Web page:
Anatomy of Grocery Shopping in Ottawa
I don’t know for you but at home, grocery shopping is the barrel of the Danaids. There is always a key product missing—it’s like our fridge is swallowing its contents when we are not looking.
That or we are actually eating what we are buying—a good thing I guess, since I hate wasting food.
We don’t do “meal plans” and we don’t really have a day dedicated to grocery shopping. We go to the supermarket whenever we need to. I guess you could argue it’s not a very efficient way tackle the chore but this way, we have fresh produce and we rarely miss good deals. Plus we are a five-minute drive to three supermarkets… we are unlikely to starve.
We cook pretty much every meal, i.e. we don’t eat frozen meals. The only things we have in the freezer are meat (e.g. chicken breast we froze ourselves) and ice cream. We mostly rely on fresh veggies, some proteins (meat, fish, tofu, eggs) and fruits. All in all, we don’t eat much processed food.
So, where do we shop in Ottawa?
Loblaws supermarkets (and Real Canadian Store, owned by Loblaws) are usually pretty clean and definitely on the “fancy” side. They have a fish market, a deli and bakery sections and plenty of selection. However, food is pretty expensive, especially produce and staple products like cans, sauces, drinks, etc.
Good for… We usually go to Loblaws when they have “specials” (items on sale) we like or to buy good meat (roasted chicken) and fish. They also carry fancy imported products like French cookies, real French gherkins and mustard (Maille).
Tips: Bring your own bags, you will get charged for plastic bags. President’s Choice, the store’s label, has great products that are often cheaper than other brands.
Metro seems to cater to urban folks too busy to cook. The store typically have long opening hours (some are open 24/7), convenient locations and feature a deli, a bakery and an extensive selection of fresh ready-to-eat meals. While the food looks good, markup is high on most products—convenience has a price.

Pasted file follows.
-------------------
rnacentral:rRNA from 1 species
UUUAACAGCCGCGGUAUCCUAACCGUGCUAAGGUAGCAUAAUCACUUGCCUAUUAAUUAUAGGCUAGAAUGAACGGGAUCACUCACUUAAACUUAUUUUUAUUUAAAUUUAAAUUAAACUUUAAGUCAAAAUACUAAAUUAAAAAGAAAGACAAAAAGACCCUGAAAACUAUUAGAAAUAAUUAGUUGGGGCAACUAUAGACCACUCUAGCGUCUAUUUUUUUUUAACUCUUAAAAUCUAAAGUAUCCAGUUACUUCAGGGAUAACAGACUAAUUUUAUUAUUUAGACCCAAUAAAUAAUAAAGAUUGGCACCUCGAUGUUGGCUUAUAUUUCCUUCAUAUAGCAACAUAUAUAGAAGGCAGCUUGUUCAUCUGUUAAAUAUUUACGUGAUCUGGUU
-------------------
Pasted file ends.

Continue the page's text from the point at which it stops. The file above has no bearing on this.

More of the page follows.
Good for… Bread, organic products, fancy specialty food, catering-like meals.
Tips: Bring your own bags, you will get charged for plastic bags. And check the “best by” date on these ready-to-eat meals to make sure they are as fresh as they look.
Food Basic supermarkets range from quiet and clean to overcrowded and dirty—it really depends on the neighborhood. Don’t expect fancy displays and helpful staff though—the name says it all, it’s “Food Basics”. They carry a large selection of fresh produce, frozen food plus international products (again, it depends on the neighborhood—some stores have a wide selection of Indian products because there is an Indian community nearby, while other focus on Arabic products, etc.).
Good for… Produce, staples like rice, semolina, pasta, sauces, cans, soups, dairy, etc.
Tips: Bring your own bags, you will get charged for plastic bags but you can use their carton boxes for free.
Walmart sells electronics, appliances, furniture, etc. but most stores—if not all—have a large food section. Some Walmart are downright dirty and messy (Lincoln Fields, South Keys) while other are great for grocery shopping (the new Baseline Walmart). This is by far the cheapest supermarket around and it is well worth going for staple products and even basic beauty products like shampoo, toothpaste, etc.
Good for… Produce, staple like rice, semolina, pasta, sauces, cans, soups, dairy, etc. Don’t forget to check out the “International Food” aisle for low-price exotic products from China, Italy, India, etc.
Tips: Free plastic bags, yay! Check the “best by” date religiously, especially for yogurts.
Like Tim Hortons, Shoppers stores seem to be just about everywhere in Ottawa. Most stores feature a pharmacy, a beauty and health sections and a small food section (typically dairy, cereals, sauces, soups and junk food). I used to love Shoppers because I collected Optimum Points but the reward program became less and less interesting and I found prices are much higher than a few years ago. That said, Shoppers can have good deals on dairy, eggs and cookies.
Good for… Eggs, dairy, junk food when on special.
Tips: You can always collect Optimum Points, the cards is free. But it takes a while to get your $10 off. You get charged for plastic bags.
T&T Supermarket opened in 2009 in Ottawa and focuses on Asian products from China, Japan, Korea, the Philippines, etc. It has a bakery, a small restaurant (dim sums, dumplings and other ready-to-eat delicacies), a meat and fish section, a produce section (with exotic fruits and veggies) and even some imported books and trinkets. Shopping at T&T can be quite an adventure as you don’t know the products at all and some feature badly translated labels!
Good for… Anything Asian! Just avoid buying yogurt or regular “Western” food there because it’s more expensive. Check the “best by” dates on products and don’t hesitate to sample the food whenever available—you may enjoy what you are tasting!
Tips: Avoid going on weekends (overcrowded like in China!) and on major Chinese holidays, such as around Chinese New Year. Unless you want to fight over bags or rice with old Chinese ladies, that is.
How about you? Where do you go for grocery shopping in Ottawa?Tagged with: Food